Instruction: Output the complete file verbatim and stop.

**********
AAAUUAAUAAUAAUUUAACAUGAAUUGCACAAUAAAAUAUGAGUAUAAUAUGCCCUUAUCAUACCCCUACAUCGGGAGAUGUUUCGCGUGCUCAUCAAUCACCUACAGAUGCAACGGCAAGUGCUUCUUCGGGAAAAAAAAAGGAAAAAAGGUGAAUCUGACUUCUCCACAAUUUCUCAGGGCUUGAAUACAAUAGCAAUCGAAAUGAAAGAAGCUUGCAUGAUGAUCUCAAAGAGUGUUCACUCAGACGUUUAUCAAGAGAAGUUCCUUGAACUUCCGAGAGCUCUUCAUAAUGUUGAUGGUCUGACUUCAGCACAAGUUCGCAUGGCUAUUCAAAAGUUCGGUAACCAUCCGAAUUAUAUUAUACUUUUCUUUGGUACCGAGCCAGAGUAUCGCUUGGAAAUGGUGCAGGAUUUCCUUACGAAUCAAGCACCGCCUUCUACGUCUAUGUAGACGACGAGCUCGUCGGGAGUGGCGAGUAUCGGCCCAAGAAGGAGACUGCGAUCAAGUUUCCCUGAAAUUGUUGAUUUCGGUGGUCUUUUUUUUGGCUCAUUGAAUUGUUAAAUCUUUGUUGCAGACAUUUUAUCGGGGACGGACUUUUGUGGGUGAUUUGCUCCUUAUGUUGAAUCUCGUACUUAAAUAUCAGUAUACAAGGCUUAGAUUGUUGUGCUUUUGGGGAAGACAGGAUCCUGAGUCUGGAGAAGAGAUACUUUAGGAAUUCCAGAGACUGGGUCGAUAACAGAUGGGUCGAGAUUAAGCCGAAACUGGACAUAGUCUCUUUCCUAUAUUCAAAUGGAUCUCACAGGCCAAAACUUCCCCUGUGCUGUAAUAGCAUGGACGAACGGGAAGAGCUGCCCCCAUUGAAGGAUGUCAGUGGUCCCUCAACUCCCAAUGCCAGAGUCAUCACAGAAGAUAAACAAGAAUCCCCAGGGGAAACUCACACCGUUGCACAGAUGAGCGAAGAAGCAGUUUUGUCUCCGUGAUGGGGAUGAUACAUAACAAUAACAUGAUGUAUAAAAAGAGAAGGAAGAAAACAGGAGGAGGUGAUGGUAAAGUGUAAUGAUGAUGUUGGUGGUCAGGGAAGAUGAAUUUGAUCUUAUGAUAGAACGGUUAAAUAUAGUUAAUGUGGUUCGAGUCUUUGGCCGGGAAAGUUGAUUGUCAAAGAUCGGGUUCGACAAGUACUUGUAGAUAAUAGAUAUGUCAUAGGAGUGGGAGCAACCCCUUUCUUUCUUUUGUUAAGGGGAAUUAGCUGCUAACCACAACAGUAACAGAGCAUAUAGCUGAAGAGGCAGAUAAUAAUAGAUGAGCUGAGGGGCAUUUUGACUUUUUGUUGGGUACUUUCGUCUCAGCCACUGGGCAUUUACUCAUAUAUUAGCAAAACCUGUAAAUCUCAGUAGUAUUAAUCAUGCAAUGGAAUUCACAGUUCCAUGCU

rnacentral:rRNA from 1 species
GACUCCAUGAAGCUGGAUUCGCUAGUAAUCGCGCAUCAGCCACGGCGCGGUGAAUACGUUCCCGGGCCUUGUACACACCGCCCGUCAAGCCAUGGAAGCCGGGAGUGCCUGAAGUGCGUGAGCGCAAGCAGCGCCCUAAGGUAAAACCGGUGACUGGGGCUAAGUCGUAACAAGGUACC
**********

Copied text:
AAAUUAAUAAUAAUUUAACAUGAAUUGCACAAUAAAAUAUGAGUAUAAUAUGCCCUUAUCAUACCCCUACAUCGGGAGAUGUUUCGCGUGCUCAUCAAUCACCUACAGAUGCAACGGCAAGUGCUUCUUCGGGAAAAAAAAAGGAAAAAAGGUGAAUCUGACUUCUCCACAAUUUCUCAGGGCUUGAAUACAAUAGCAAUCGAAAUGAAAGAAGCUUGCAUGAUGAUCUCAAAGAGUGUUCACUCAGACGUUUAUCAAGAGAAGUUCCUUGAACUUCCGAGAGCUCUUCAUAAUGUUGAUGGUCUGACUUCAGCACAAGUUCGCAUGGCUAUUCAAAAGUUCGGUAACCAUCCGAAUUAUAUUAUACUUUUCUUUGGUACCGAGCCAGAGUAUCGCUUGGAAAUGGUGCAGGAUUUCCUUACGAAUCAAGCACCGCCUUCUACGUCUAUGUAGACGACGAGCUCGUCGGGAGUGGCGAGUAUCGGCCCAAGAAGGAGACUGCGAUCAAGUUUCCCUGAAAUUGUUGAUUUCGGUGGUCUUUUUUUUGGCUCAUUGAAUUGUUAAAUCUUUGUUGCAGACAUUUUAUCGGGGACGGACUUUUGUGGGUGAUUUGCUCCUUAUGUUGAAUCUCGUACUUAAAUAUCAGUAUACAAGGCUUAGAUUGUUGUGCUUUUGGGGAAGACAGGAUCCUGAGUCUGGAGAAGAGAUACUUUAGGAAUUCCAGAGACUGGGUCGAUAACAGAUGGGUCGAGAUUAAGCCGAAACUGGACAUAGUCUCUUUCCUAUAUUCAAAUGGAUCUCACAGGCCAAAACUUCCCCUGUGCUGUAAUAGCAUGGACGAACGGGAAGAGCUGCCCCCAUUGAAGGAUGUCAGUGGUCCCUCAACUCCCAAUGCCAGAGUCAUCACAGAAGAUAAACAAGAAUCCCCAGGGGAAACUCACACCGUUGCACAGAUGAGCGAAGAAGCAGUUUUGUCUCCGUGAUGGGGAUGAUACAUAACAAUAACAUGAUGUAUAAAAAGAGAAGGAAGAAAACAGGAGGAGGUGAUGGUAAAGUGUAAUGAUGAUGUUGGUGGUCAGGGAAGAUGAAUUUGAUCUUAUGAUAGAACGGUUAAAUAUAGUUAAUGUGGUUCGAGUCUUUGGCCGGGAAAGUUGAUUGUCAAAGAUCGGGUUCGACAAGUACUUGUAGAUAAUAGAUAUGUCAUAGGAGUGGGAGCAACCCCUUUCUUUCUUUUGUUAAGGGGAAUUAGCUGCUAACCACAACAGUAACAGAGCAUAUAGCUGAAGAGGCAGAUAAUAAUAGAUGAGCUGAGGGGCAUUUUGACUUUUUGUUGGGUACUUUCGUCUCAGCCACUGGGCAUUUACUCAUAUAUUAGCAAAACCUGUAAAUCUCAGUAGUAUUAAUCAUGCAAUGGAAUUCACAGUUCCAUGCU

rnacentral:rRNA from 1 species
GACUCCAUGAAGCUGGAUUCGCUAGUAAUCGCGCAUCAGCCACGGCGCGGUGAAUACGUUCCCGGGCCUUGUACACACCGCCCGUCAAGCCAUGGAAGCCGGGAGUGCCUGAAGUGCGUGAGCGCAAGCAGCGCCCUAAGGUAAAACCGGUGACUGGGGCUAAGUCGUAACAAGGUACC